He settles on one end of the sofa in his music room, a book-lined sanctuary where he has recorded some of his songs. His white hair is neatly combed; his blue eyes smiling. That trademark high-crowned hat hangs nearby and that mahogany Santa Cruz guitar, his signature inlaid in ivoroid on the fingerboard just below the mother-of-pearl Texas star, is on a stand near a Bob Moline saddle.
Don Edwards has spent his life singing for his supper, and now, as the Cowtown Opry prepares to honor him at its annual Texas Independence Day Gala on Feb. 28, he sits down to talk about his life as a troubadour, but it’s difficult. He finds the music so much more remarkable than his life’s journey.
After more than 50 years in the spotlight, Edwards has become an award-winning performer, a celebrated keeper of cowboy lore and a Western Music Association Hall of Fame honoree.
His name is installed in the Walk of Western Stars in Santa Clarita, Calif., along with those of his childhood heroes, including Gene Autry, Roy Rogers and Tex Ritter. He’s a Grammy Award nominee who, with a suitcase full of songs, has traveled the world telling stories set to music and has brought home more awards than he can remember.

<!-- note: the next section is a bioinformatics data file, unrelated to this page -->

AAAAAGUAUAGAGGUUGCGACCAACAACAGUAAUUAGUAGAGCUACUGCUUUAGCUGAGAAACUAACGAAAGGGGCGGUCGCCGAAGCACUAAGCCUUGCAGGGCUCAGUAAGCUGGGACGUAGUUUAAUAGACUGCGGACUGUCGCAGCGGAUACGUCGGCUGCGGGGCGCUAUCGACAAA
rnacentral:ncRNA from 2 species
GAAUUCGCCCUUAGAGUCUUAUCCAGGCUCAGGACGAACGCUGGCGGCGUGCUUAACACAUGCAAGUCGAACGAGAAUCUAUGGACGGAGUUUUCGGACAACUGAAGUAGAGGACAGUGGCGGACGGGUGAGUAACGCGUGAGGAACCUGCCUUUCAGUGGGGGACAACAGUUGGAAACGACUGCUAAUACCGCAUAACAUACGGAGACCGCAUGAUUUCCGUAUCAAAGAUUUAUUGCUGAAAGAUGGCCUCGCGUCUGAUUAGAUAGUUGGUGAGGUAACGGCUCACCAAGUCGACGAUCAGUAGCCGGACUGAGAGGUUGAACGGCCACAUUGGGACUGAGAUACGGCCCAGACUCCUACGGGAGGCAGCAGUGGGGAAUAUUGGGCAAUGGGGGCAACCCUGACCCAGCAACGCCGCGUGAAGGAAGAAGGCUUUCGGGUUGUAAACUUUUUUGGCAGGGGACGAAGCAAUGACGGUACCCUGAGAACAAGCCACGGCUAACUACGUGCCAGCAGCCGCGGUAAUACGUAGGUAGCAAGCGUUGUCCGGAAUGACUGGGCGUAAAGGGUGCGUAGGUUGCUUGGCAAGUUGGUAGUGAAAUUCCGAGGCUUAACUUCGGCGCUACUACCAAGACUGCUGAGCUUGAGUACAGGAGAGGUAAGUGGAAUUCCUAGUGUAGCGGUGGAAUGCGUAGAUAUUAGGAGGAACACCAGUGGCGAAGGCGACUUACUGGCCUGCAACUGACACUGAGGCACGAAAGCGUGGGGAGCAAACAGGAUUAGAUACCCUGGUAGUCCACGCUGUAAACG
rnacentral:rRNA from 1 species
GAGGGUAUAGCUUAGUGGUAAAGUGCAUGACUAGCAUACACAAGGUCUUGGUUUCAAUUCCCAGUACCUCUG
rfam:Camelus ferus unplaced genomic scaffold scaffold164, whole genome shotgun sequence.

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At the heart of it all, Edwards is a history lover most interested in the period of American history from just after the Civil War — which in Southern tradition, he calls “The War of Northern Aggression” — to the early 1900s. Two of his anthologies of cowboy songs are included in the Folklore Archives of the Library of Congress, and he has given seminars at Yale, Rice, TCU and other universities.